Ryan XV-5 "Vertifan"
by NorthAmericanAviation
uploaded 2017-07-01
stock aircraft
#VTOL #1960's #Army #Stock #Replica



  • Type: SPH
  • Class: aircraft
  • Part Count: 85
  • Pure Stock


The Ryan-General Electric XV-5 Vertifan is a VTOL aircraft proposed to the U.S. Army in November 1962. The crew who worked on the Vertifan was called the XV-5A Fan Club.

Built in the SPH in KSP version 1.3.0.

Blower Design

The blowers for vertical lift on the Vertifan are powered very much like a turbocharger in a car: exhaust gases are blown around a duct which is connected to the blower fan spindle. these gases spin up the fans which produce lift. This method is very different from a normal thrust diverter, as used in the Yak-36, Yak-38, Hawker-Siddeley Kestrel/Harrier. It Is also different from the Yak-141 and F-35B JSF, which use a mechanical drive.

The Proposal

In 1961, General Electric won a U.S. Army Contract to develop the fan-in-wing design with Ryan Aeronautical Corporation. Ryan was essentially a subcontracted builder in this program, as GE developed the entire thrust system, based off of the GE J-85. The XV-5 was a featherweight, but it packed a punch; empty weight was just 7,000lbs, and the fan system developed 1.31:1 TWR, giving the XV-5 31% in excess power. There was also a balancing fan in the nose, covered by louvers. The wing-mounted fans had shutters underneath, meaning that the XV-5 could transfer in any direction. The wing-mounted fans also controlled roll to some degree.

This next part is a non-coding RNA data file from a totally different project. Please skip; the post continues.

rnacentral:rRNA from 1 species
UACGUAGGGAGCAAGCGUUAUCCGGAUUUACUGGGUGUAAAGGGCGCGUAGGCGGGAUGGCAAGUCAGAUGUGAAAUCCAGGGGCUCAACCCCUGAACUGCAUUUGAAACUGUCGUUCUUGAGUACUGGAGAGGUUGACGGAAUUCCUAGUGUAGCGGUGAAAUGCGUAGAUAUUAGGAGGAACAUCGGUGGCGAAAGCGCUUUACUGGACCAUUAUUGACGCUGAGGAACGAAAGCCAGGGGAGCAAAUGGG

Action Groups: 1 toggles lift jets, 2 toggles conventional jets

Here you will find everything that trails black smoke, jettisons fuel, and runs on liquid oxygen and ammonia. Oh, 20th Century aviation development, where art thou?

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